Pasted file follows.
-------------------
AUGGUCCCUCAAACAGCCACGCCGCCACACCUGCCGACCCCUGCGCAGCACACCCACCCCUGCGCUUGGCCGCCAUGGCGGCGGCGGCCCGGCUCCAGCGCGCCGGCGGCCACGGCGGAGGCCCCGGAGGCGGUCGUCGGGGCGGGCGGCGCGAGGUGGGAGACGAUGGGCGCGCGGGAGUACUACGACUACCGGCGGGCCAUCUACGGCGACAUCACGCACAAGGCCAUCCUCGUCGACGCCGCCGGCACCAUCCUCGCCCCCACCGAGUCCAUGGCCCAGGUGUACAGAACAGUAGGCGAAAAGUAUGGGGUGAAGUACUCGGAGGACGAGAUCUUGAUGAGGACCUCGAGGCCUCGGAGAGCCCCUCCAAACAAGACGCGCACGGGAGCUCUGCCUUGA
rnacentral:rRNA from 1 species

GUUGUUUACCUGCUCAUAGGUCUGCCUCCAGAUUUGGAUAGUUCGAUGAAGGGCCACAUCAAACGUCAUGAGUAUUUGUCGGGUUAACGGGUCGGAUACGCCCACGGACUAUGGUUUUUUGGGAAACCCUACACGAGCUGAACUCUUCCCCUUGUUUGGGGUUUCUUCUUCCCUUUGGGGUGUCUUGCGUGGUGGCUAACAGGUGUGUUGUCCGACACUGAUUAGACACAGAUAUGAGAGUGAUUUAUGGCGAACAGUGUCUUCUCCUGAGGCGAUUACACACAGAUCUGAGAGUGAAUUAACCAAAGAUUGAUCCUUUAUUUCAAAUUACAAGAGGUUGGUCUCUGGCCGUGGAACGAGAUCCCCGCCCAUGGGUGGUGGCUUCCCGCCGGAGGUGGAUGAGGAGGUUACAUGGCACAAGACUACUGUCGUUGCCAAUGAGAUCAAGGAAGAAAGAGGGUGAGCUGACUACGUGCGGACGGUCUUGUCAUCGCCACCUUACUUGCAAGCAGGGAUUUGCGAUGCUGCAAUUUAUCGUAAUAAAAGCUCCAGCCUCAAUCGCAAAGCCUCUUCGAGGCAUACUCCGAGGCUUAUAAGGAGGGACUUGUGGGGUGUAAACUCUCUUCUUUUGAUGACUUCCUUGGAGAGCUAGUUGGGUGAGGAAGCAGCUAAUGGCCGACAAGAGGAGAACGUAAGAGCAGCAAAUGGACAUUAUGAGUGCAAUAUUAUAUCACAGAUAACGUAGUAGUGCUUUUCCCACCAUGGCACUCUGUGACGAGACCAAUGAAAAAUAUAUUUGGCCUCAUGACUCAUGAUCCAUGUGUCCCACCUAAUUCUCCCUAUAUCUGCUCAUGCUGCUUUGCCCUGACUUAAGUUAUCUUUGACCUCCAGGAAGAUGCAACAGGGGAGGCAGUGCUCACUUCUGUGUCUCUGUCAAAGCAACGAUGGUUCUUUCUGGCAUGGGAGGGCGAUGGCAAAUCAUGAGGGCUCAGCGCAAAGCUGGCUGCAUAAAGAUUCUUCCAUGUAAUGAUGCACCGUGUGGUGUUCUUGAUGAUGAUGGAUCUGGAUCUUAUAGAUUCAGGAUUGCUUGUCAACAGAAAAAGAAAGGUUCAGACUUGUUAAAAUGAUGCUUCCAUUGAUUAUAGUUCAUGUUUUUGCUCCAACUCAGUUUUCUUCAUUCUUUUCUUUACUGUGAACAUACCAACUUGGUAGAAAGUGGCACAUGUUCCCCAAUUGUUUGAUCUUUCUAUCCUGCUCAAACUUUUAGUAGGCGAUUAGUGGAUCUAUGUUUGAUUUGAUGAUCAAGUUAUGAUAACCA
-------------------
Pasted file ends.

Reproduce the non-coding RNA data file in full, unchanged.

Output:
AUGGUCCCUCAAACAGCCACGCCGCCACACCUGCCGACCCCUGCGCAGCACACCCACCCCUGCGCUUGGCCGCCAUGGCGGCGGCGGCCCGGCUCCAGCGCGCCGGCGGCCACGGCGGAGGCCCCGGAGGCGGUCGUCGGGGCGGGCGGCGCGAGGUGGGAGACGAUGGGCGCGCGGGAGUACUACGACUACCGGCGGGCCAUCUACGGCGACAUCACGCACAAGGCCAUCCUCGUCGACGCCGCCGGCACCAUCCUCGCCCCCACCGAGUCCAUGGCCCAGGUGUACAGAACAGUAGGCGAAAAGUAUGGGGUGAAGUACUCGGAGGACGAGAUCUUGAUGAGGACCUCGAGGCCUCGGAGAGCCCCUCCAAACAAGACGCGCACGGGAGCUCUGCCUUGA
rnacentral:rRNA from 1 species

GUUGUUUACCUGCUCAUAGGUCUGCCUCCAGAUUUGGAUAGUUCGAUGAAGGGCCACAUCAAACGUCAUGAGUAUUUGUCGGGUUAACGGGUCGGAUACGCCCACGGACUAUGGUUUUUUGGGAAACCCUACACGAGCUGAACUCUUCCCCUUGUUUGGGGUUUCUUCUUCCCUUUGGGGUGUCUUGCGUGGUGGCUAACAGGUGUGUUGUCCGACACUGAUUAGACACAGAUAUGAGAGUGAUUUAUGGCGAACAGUGUCUUCUCCUGAGGCGAUUACACACAGAUCUGAGAGUGAAUUAACCAAAGAUUGAUCCUUUAUUUCAAAUUACAAGAGGUUGGUCUCUGGCCGUGGAACGAGAUCCCCGCCCAUGGGUGGUGGCUUCCCGCCGGAGGUGGAUGAGGAGGUUACAUGGCACAAGACUACUGUCGUUGCCAAUGAGAUCAAGGAAGAAAGAGGGUGAGCUGACUACGUGCGGACGGUCUUGUCAUCGCCACCUUACUUGCAAGCAGGGAUUUGCGAUGCUGCAAUUUAUCGUAAUAAAAGCUCCAGCCUCAAUCGCAAAGCCUCUUCGAGGCAUACUCCGAGGCUUAUAAGGAGGGACUUGUGGGGUGUAAACUCUCUUCUUUUGAUGACUUCCUUGGAGAGCUAGUUGGGUGAGGAAGCAGCUAAUGGCCGACAAGAGGAGAACGUAAGAGCAGCAAAUGGACAUUAUGAGUGCAAUAUUAUAUCACAGAUAACGUAGUAGUGCUUUUCCCACCAUGGCACUCUGUGACGAGACCAAUGAAAAAUAUAUUUGGCCUCAUGACUCAUGAUCCAUGUGUCCCACCUAAUUCUCCCUAUAUCUGCUCAUGCUGCUUUGCCCUGACUUAAGUUAUCUUUGACCUCCAGGAAGAUGCAACAGGGGAGGCAGUGCUCACUUCUGUGUCUCUGUCAAAGCAACGAUGGUUCUUUCUGGCAUGGGAGGGCGAUGGCAAAUCAUGAGGGCUCAGCGCAAAGCUGGCUGCAUAAAGAUUCUUCCAUGUAAUGAUGCACCGUGUGGUGUUCUUGAUGAUGAUGGAUCUGGAUCUUAUAGAUUCAGGAUUGCUUGUCAACAGAAAAAGAAAGGUUCAGACUUGUUAAAAUGAUGCUUCCAUUGAUUAUAGUUCAUGUUUUUGCUCCAACUCAGUUUUCUUCAUUCUUUUCUUUACUGUGAACAUACCAACUUGGUAGAAAGUGGCACAUGUUCCCCAAUUGUUUGAUCUUUCUAUCCUGCUCAAACUUUUAGUAGGCGAUUAGUGGAUCUAUGUUUGAUUUGAUGAUCAAGUUAUGAUAACCA